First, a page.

Two reasons: 1) Tradition; there have been camp hijinks since time immemorial. 2) When the regular season begins, things get serious. That isn't to say they're not in the preseason, but they're serious on an individual level; players are fighting for jobs. When the roster is pared and the calendar flips past Labor Day, the urgency hits on a team-wide level. The timing wouldn't be appropriate.
I'm fascinated to see what he does when the 49ers come to the UCHealth Training Center for joint practices. He's explosive and incredibly quick for his size. He flourishes in the open field, where his rugby instincts serve him well. But there are times when you can tell he's an American football neophyte, particularly when he's trying to read blocks as they develop.
There is enough right with his game and more than enough potential to justify at least slipping him onto the practice squad, where he can be a scout-team running back and learn how to better follow his blocks. If everything breaks right, he could be transformative, and teams will thoroughly scour the National Rugby League ranks (they can start by watching the games on Fox Sports 2 like I do when I'm working overnight as the rest of North America sleeps).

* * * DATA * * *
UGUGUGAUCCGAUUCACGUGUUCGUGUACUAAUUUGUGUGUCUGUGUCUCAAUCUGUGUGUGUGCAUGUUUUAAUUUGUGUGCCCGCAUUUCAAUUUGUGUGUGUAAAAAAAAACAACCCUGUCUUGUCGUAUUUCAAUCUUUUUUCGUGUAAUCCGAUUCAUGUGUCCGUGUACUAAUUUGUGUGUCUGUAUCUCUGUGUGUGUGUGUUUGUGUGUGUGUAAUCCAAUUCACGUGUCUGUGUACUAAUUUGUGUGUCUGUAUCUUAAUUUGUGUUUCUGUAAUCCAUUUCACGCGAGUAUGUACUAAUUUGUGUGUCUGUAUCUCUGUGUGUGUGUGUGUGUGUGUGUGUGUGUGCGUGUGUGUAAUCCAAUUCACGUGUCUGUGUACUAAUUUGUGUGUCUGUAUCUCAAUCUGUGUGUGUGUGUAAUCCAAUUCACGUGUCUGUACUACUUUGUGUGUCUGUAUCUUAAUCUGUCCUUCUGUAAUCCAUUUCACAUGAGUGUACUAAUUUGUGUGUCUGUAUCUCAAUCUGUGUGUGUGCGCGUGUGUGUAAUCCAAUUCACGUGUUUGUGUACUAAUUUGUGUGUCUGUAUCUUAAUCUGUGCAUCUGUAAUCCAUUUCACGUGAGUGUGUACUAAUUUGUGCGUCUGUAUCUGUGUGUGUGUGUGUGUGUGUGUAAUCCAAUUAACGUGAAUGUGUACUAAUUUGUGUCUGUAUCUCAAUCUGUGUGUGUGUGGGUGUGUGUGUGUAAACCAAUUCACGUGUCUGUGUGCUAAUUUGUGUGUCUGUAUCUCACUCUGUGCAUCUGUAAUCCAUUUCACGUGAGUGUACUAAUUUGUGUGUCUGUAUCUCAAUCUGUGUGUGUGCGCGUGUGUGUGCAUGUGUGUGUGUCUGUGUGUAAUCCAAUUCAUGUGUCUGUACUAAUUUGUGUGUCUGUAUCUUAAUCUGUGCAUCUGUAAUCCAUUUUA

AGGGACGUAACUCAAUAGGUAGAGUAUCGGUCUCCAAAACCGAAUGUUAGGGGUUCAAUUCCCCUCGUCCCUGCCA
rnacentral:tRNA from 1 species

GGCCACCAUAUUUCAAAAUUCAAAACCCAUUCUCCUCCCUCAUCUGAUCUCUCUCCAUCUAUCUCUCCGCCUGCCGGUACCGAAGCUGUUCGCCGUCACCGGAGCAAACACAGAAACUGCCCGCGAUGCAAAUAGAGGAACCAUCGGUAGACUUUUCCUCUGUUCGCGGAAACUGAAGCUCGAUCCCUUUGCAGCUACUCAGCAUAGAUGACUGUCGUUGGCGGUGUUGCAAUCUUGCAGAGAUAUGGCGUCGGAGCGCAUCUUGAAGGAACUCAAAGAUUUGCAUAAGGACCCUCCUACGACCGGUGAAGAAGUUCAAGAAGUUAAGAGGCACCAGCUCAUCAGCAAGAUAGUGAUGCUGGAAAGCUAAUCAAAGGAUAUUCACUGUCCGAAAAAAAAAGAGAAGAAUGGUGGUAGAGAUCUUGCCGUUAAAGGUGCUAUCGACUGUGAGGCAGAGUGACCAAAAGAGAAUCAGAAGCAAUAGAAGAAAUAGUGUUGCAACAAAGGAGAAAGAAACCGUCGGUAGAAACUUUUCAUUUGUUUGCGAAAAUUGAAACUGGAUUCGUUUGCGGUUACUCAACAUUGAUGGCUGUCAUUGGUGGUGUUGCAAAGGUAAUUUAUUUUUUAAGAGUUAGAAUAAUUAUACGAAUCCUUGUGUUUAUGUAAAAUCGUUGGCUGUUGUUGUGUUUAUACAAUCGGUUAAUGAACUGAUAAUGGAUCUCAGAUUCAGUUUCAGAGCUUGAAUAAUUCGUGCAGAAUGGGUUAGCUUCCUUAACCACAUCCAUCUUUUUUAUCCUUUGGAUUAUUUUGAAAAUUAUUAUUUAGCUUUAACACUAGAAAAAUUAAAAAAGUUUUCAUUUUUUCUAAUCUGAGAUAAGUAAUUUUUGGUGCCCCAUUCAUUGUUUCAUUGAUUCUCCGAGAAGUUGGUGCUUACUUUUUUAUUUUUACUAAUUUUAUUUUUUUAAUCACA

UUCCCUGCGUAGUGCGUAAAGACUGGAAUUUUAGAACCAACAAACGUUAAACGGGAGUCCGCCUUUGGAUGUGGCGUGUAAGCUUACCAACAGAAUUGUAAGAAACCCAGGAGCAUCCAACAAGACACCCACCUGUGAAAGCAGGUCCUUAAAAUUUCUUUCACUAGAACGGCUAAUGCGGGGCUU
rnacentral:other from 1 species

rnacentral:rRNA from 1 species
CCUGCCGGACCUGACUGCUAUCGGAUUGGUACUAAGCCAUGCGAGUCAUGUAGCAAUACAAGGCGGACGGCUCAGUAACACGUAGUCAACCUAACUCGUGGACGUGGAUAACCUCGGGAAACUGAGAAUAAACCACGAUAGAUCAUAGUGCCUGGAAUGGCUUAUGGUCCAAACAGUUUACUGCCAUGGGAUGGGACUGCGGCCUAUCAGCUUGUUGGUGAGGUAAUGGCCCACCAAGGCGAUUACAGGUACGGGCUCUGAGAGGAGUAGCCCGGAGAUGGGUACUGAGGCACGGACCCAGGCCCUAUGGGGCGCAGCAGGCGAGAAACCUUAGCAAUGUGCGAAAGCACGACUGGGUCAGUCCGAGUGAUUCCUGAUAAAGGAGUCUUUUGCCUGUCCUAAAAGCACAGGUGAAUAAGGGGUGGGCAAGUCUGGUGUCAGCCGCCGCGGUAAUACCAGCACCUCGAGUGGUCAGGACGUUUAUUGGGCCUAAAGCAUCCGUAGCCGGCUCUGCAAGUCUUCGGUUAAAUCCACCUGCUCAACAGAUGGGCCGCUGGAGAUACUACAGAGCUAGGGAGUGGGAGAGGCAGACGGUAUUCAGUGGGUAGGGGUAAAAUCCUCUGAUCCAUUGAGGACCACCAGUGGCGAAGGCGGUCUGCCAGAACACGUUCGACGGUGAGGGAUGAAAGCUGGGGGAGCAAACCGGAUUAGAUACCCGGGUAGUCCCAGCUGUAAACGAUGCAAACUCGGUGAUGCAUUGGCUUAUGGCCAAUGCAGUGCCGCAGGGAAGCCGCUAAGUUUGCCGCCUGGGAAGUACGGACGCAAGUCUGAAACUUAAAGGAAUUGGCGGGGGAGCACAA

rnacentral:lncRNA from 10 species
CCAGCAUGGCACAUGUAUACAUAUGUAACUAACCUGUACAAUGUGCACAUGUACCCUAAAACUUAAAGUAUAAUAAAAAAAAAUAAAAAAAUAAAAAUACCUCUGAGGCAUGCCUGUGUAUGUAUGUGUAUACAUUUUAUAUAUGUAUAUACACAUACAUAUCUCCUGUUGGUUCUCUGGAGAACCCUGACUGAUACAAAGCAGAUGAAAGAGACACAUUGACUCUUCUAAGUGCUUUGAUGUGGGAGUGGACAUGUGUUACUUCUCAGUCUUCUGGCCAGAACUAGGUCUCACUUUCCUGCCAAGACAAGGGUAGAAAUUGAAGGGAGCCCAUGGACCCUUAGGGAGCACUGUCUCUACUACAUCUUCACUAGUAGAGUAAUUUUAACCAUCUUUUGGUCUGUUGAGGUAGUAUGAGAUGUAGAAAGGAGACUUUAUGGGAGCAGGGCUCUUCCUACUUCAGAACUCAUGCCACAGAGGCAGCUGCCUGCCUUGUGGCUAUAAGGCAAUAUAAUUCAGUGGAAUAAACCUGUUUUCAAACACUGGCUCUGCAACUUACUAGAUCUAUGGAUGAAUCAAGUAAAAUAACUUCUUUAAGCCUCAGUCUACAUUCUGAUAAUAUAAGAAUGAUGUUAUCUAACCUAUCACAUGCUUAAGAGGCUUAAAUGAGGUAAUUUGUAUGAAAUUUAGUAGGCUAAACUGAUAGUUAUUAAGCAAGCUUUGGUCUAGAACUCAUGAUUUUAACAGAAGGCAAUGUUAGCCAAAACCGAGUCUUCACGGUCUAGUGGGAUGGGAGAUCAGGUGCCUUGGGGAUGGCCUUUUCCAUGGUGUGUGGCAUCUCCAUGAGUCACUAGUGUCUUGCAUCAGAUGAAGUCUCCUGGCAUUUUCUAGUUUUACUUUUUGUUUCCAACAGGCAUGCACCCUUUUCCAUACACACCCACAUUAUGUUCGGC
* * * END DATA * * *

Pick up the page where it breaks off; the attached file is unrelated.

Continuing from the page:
Peyton Manning, Demaryius Thomas, Emmanuel Sanders and C.J. Anderson are all must-starts. Owen Daniels might be in that category, as well, depending on how frequently Manning targets him in the red zone. I was asked recently on a radio appearance about Cody Latimer's fantasy value, and I think he's worth a late-round flyer based on his potential, and if there's an injury to one of the top two receivers, he's going to be targeted frequently. But with the Broncos making use of "12" and "21" personnel more often than in past years, I don't know that Latimer will see enough targets to be an every-week fantasy starter, even though his performance, skill set and improved command of the scheme screams, "quality NFL starter."
I'm bullish on ithe defense/special teams. With the increased emphasis on attacking defense to create more sacks and takeaways, Denver's defense could be the league's best, from a fantasy perspective. If you're in an IDP league, keep your eyes on Brandon Marshall and Danny Trevathan; they're going to ra
What I expect to remain true is this: you want Broncos in your lineup. This team should remain among the league's most explosive.
The fact that the electric eel has been reclassified before leads me to believe that it could be again. But they are pretty cool; I saw some at the Georgia Aquarium the last time I was there on one of my many pilgrimages to see the Atlanta Braves play.
You just gave me an idea.